Drops presidential order and FM's role to reach a consensus
In a last-ditch attempt to reach a consensus before the Budget session of Parliament, the Centre has sent the empowered committee of state finance ministers yet another draft constitutional amendment on the proposed goods & services tax (GST).
The draft — the third in the last seven months — proposes the creation of a GST Council through an Act of Parliament, instead of presidential order, as proposed in the previous draft.
The empowered committee will convene in New Delhi on February 11 to discuss the revised draft.
Later in the day, its members will meet Union Finance Minister Pranab Mukherjee, who is expected to press for the introduction of GST without further delay. The meeting assumes significance, as the finance ministry is keen to align tax proposals for Budget 2011-12 with GST.
Seeking to bring on board all the states — several of whom have expressed concerns about loss of autonomy under proposals in earlier constitutional amendment drafts — the Centre has dropped in the latest version any reference to the Union finance minister heading the GST Council.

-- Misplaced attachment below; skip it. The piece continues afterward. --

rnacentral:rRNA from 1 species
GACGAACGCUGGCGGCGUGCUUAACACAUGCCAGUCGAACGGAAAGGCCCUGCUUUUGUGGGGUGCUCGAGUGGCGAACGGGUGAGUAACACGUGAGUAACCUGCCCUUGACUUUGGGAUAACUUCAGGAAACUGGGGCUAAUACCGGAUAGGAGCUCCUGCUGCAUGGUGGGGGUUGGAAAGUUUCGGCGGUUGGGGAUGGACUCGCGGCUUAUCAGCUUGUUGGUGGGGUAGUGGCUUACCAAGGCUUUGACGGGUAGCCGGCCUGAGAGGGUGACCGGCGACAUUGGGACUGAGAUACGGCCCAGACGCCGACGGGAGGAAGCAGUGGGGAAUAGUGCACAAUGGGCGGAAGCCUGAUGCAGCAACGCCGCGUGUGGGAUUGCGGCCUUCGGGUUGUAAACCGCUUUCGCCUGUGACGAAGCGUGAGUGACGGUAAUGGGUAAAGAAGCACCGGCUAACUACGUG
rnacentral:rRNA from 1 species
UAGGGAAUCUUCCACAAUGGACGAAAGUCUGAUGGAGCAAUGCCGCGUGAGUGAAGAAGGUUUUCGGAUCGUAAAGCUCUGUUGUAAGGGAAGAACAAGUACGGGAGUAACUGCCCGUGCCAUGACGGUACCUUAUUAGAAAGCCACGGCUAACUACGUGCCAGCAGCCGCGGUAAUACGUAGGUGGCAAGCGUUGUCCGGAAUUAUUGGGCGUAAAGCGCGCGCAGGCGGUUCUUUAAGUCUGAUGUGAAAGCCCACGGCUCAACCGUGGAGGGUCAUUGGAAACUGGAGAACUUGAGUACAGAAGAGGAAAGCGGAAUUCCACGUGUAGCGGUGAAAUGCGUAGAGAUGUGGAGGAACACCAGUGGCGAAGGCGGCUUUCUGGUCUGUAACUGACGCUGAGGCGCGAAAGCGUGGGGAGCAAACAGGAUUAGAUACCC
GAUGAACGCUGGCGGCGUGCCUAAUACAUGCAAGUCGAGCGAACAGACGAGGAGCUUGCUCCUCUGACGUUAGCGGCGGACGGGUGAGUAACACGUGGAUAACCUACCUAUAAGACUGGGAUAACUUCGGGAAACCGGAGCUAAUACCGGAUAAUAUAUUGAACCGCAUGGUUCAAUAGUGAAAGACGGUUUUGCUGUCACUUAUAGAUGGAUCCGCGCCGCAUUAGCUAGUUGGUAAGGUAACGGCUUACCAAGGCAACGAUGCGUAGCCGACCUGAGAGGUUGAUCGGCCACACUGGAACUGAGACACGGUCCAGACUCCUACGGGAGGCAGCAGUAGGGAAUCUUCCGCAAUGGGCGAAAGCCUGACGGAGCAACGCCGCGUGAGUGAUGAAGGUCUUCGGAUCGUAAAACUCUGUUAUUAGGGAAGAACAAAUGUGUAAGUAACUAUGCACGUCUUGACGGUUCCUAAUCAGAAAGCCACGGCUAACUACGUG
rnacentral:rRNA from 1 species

“Details of the council will be provided separately in legislation that can be passed by Parliament at a later date. This would help the finance ministry convince states about GST at this stage and move ahead. Issues about the composition and functioning of the GST Council can be sorted out later,” a person familiar with the developments told Business Standard.
In the first draft, the Centre had proposed giving the Union finance minister veto power in the GST Council and said its decisions would be binding on both the central and state governments.
After the states strongly opposed the proposals, the finance ministry came out with a somewhat watered down second draft, which stated that every decision of the Council would only be taken after members present at a meeting reached a consensus.
The constitutional amendment draft will also address concerns of some Union territories such as Delhi, who have sought specific mention of their powers in the Constitution. Besides, the issue of central sales tax compensation to states also remains to be resolved.
After missing the original April 2010 deadline for GST rollout, the government proposed to introduce it in April 2011. But finance ministry officials have already said this date would also be missed.
Even though the Centre is working towards putting in place the information technology infrastructure for GST, there has not been much headway on discussions over the proposed constitutional amendments or GST structure since the last meeting of the empowered committee of state finance ministers on December 6, 2010.
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Sources, however, say there were no signs of a breakthrough